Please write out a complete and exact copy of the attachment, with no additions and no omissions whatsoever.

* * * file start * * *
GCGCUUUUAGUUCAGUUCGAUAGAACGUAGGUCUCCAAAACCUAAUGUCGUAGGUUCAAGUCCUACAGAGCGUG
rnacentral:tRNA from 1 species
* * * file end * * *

GCGCUUUUAGUUCAGUUCGAUAGAACGUAGGUCUCCAAAACCUAAUGUCGUAGGUUCAAGUCCUACAGAGCGUG
rnacentral:tRNA from 1 species